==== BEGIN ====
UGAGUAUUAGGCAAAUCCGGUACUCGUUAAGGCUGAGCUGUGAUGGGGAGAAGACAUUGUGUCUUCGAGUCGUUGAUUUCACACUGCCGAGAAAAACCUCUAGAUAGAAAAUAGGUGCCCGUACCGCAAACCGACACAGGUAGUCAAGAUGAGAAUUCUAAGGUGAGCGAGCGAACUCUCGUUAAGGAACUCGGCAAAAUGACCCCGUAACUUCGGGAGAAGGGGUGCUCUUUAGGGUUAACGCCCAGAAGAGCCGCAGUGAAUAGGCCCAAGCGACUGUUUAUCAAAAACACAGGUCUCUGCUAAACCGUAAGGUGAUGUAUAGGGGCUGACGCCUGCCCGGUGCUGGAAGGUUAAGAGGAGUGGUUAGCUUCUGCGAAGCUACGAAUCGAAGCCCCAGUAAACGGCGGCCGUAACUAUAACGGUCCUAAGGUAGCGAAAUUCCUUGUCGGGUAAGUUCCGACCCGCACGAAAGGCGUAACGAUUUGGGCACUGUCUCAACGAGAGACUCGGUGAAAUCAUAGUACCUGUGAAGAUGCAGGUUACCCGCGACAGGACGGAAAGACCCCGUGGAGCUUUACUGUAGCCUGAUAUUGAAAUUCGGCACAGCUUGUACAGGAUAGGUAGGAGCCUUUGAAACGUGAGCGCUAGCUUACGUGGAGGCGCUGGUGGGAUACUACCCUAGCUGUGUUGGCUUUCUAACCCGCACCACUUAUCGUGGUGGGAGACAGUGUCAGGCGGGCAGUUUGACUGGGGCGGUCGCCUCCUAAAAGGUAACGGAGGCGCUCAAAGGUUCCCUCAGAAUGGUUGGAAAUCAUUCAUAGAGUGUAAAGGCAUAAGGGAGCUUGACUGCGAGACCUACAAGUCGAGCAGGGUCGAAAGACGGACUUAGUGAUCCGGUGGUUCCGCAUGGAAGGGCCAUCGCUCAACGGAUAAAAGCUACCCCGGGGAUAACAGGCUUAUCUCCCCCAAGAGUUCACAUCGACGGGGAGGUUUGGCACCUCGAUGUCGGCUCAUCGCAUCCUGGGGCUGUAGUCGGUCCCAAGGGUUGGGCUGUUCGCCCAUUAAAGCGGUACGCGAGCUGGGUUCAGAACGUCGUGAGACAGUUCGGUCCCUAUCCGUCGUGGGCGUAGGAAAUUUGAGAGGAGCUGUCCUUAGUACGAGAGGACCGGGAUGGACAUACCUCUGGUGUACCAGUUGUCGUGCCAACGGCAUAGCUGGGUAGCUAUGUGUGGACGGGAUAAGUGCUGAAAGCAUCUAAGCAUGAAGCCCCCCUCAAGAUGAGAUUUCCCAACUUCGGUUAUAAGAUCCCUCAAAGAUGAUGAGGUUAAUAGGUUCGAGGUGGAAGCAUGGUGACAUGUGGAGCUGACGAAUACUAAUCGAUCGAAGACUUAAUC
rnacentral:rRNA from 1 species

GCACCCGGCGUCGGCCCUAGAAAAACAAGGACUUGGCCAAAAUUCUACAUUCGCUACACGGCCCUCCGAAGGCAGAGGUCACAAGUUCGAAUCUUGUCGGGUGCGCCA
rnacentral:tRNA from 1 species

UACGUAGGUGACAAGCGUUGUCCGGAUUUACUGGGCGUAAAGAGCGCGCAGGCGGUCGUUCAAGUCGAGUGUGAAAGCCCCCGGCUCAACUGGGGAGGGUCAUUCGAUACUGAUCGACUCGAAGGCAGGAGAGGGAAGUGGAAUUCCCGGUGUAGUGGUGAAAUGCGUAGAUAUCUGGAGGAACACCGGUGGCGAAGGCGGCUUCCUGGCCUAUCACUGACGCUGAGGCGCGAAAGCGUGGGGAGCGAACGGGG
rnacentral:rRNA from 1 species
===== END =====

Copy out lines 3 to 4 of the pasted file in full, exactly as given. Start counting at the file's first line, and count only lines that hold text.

GCACCCGGCGUCGGCCCUAGAAAAACAAGGACUUGGCCAAAAUUCUACAUUCGCUACACGGCCCUCCGAAGGCAGAGGUCACAAGUUCGAAUCUUGUCGGGUGCGCCA
rnacentral:tRNA from 1 species